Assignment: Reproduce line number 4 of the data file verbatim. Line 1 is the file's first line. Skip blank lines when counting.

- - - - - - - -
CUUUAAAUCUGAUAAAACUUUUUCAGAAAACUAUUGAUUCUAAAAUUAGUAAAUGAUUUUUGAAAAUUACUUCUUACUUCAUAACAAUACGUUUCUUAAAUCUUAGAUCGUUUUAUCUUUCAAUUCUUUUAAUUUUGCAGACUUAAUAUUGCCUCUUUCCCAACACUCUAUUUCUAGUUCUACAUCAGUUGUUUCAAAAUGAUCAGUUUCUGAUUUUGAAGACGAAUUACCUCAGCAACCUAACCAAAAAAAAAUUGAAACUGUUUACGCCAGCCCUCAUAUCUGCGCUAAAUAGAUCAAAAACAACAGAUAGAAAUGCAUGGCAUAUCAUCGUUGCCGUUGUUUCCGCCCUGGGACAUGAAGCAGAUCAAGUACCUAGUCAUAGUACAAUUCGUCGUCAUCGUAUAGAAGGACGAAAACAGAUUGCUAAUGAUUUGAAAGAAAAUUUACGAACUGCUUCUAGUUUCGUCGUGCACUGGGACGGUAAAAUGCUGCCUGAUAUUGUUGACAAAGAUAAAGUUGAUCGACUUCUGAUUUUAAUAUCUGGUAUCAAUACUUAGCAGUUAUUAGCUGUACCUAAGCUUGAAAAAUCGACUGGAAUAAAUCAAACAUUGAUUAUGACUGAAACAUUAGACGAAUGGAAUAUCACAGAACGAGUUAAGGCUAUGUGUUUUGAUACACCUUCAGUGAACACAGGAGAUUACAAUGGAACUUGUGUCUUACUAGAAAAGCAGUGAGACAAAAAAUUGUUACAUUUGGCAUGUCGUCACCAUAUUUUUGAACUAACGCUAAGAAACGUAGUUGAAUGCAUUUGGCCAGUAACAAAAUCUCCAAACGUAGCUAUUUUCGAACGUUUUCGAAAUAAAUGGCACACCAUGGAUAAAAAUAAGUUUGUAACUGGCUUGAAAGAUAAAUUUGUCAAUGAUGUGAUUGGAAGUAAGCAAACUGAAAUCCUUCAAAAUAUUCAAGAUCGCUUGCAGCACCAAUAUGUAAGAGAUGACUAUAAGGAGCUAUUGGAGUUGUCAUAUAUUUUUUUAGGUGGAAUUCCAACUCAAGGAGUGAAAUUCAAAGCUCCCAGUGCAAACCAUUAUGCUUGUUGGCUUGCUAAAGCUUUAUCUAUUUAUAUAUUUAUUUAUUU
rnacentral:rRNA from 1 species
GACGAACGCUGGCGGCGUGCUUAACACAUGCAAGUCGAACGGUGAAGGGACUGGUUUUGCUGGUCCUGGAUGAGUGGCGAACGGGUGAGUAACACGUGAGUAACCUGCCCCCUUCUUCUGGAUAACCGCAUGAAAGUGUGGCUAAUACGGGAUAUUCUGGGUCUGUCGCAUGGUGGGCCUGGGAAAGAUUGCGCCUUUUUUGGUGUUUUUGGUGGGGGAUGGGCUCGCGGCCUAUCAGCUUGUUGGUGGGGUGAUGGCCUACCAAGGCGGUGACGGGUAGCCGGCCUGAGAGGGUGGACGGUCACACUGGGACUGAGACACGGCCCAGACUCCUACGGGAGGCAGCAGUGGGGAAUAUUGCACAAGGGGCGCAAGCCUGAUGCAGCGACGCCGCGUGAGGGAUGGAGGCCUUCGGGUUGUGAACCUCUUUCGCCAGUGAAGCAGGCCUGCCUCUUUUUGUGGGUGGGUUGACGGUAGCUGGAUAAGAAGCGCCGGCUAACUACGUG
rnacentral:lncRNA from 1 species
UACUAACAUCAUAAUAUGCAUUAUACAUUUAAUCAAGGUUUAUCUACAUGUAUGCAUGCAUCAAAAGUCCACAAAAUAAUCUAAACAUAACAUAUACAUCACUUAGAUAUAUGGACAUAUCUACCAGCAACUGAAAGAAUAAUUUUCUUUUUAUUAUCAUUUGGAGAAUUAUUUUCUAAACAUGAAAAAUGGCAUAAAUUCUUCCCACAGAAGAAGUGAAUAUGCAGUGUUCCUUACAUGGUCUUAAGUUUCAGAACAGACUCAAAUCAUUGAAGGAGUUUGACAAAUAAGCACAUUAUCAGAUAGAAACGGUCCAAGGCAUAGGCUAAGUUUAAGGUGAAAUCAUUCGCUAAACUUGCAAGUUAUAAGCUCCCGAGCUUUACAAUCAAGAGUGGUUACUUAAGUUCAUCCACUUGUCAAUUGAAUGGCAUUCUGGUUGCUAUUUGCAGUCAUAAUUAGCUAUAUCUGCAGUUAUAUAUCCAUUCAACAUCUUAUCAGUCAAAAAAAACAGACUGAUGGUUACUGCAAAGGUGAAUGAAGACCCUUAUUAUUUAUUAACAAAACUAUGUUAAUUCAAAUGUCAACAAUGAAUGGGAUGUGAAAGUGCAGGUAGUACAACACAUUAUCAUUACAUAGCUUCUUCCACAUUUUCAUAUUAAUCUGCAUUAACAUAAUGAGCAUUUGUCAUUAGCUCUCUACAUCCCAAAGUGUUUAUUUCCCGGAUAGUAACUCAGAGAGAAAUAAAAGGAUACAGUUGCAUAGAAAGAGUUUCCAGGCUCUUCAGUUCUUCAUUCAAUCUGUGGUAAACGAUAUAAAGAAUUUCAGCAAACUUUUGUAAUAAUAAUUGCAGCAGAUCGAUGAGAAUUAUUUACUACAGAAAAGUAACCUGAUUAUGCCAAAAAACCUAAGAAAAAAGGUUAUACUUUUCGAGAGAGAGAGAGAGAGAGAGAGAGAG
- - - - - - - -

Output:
rnacentral:lncRNA from 1 species